There’s no denying the iPhone 7 is a great smartphone, but none of its improvements are quite as impressive as I’d hoped – it feels more like an iterative S update than the next big evolutionary leap. It’s certainly raised the bar for iPhones a little higher, but in many ways it’s still catching up with its Android competitors, as neither the camera nor display is quite as good as the very best.

For me, Samsung’s S7 family are still the phones to beat, but the iPhone 7 certainly isn’t far behind. The only problem is the price. A lot of the contracts I’ve seen so far involve a significant upfront cost as well as a hefty £50-per-month fee thereafter. The S7, on the other hand, can be picked up for around £34-per-month with no upfront cost, providing a significant saving over the course of two years.

READ NEXT: Apple iPhone 8 vs Samsung Galaxy S8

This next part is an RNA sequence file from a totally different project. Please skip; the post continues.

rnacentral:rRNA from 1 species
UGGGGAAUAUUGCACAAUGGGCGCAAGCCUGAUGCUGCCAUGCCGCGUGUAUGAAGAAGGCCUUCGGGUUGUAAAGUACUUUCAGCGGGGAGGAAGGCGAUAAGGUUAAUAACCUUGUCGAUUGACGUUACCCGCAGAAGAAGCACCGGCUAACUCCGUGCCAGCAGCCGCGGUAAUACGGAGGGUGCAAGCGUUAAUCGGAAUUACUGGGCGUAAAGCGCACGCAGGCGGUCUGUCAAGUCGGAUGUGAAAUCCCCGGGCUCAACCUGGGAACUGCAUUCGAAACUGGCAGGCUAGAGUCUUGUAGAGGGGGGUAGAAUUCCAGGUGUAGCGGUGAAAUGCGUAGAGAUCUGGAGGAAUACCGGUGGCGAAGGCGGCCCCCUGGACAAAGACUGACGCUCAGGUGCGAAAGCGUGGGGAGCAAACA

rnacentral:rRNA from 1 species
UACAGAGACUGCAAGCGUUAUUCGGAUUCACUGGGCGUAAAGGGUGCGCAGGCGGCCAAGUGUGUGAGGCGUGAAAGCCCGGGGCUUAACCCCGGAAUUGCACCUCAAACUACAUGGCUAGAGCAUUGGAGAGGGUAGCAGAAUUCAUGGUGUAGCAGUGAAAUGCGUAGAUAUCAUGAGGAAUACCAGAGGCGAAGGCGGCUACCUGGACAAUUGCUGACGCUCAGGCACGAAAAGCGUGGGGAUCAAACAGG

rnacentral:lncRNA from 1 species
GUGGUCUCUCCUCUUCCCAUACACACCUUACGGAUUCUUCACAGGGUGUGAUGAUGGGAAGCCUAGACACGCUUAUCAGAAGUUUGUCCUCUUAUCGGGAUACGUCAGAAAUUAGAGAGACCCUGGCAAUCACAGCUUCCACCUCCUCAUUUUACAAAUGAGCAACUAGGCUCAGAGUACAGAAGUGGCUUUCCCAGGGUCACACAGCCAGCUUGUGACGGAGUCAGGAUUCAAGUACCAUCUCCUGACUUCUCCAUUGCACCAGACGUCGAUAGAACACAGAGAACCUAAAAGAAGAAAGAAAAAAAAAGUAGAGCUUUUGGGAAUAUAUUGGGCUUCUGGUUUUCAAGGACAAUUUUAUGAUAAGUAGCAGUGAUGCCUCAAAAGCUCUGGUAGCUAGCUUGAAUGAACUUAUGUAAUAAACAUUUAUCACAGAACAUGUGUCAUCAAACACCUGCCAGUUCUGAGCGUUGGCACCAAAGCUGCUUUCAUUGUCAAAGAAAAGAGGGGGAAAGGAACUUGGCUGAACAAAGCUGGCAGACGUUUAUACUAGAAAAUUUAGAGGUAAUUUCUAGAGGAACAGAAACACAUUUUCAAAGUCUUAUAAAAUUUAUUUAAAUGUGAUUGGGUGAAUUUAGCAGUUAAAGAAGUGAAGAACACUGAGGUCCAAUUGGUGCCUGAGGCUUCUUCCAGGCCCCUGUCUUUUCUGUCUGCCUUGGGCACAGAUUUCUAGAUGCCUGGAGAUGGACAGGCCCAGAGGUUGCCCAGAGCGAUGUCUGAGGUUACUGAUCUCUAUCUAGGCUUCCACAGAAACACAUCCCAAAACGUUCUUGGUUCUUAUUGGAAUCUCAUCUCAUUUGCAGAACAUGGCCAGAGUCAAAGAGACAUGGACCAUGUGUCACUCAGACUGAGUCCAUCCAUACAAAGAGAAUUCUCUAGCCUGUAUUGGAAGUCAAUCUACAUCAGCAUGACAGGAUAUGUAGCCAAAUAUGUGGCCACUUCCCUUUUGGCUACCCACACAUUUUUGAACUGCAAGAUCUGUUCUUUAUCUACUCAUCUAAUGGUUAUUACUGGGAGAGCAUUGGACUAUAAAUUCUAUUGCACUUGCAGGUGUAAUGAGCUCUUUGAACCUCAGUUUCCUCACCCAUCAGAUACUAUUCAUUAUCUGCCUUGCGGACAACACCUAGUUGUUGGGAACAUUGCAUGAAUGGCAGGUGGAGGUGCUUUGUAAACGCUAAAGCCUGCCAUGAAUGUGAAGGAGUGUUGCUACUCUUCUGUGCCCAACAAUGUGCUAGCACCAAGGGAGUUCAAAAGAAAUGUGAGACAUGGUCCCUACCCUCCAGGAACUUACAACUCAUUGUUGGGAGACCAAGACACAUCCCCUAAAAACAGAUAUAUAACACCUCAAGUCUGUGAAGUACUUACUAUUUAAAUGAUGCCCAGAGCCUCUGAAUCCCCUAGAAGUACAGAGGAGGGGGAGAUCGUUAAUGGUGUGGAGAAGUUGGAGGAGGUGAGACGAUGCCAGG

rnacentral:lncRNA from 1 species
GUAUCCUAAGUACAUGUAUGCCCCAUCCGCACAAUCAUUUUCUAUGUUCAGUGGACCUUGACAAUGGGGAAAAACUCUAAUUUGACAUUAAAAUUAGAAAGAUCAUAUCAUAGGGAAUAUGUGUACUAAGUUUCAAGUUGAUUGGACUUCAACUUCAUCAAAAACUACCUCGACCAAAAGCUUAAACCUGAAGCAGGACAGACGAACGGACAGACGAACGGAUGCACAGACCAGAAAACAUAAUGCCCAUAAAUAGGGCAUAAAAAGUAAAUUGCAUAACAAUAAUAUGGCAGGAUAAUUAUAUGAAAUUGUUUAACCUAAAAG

However, if your allegiance lies firmly with iOS, then the iPhone 7 is definitely the best iPhone you can buy today. With its increased battery life, superior speed and better-looking display, the iPhone 7 offers a decent bump over the iPhone 6s, and a significant improvement over the now rather elderly iPhone 6. All of which makes it a very satisfying upgrade if your contract’s coming to an end.

That said, if the new prices are just a little too high for you, then I’d recommend buying a new iPhone 6s instead – particularly now that Apple’s bumped up the storage and dropped the prices to £499 and £599 respectively.

Hardware
Processor Quad-core A10 Fusion
RAM Not stated
Screen size 4.7in
Screen resolution 1,334 x 750
Screen type IPS
Front camera 7 megapixels
Rear camera 12 megapixels
Flash LED
GPS Yes
Compass Yes
Storage (free) 32GB, 128GB, 256GB
Memory card slot (supplied) None
Wi-Fi 802.11ac
Bluetooth Bluetooth 4.2
NFC Yes
Wireless data 3G, 4G
Dimensions 138 x 67 x 7.1mm
Weight 138g
Features
Operating system iOS 10.0
Battery size Not stated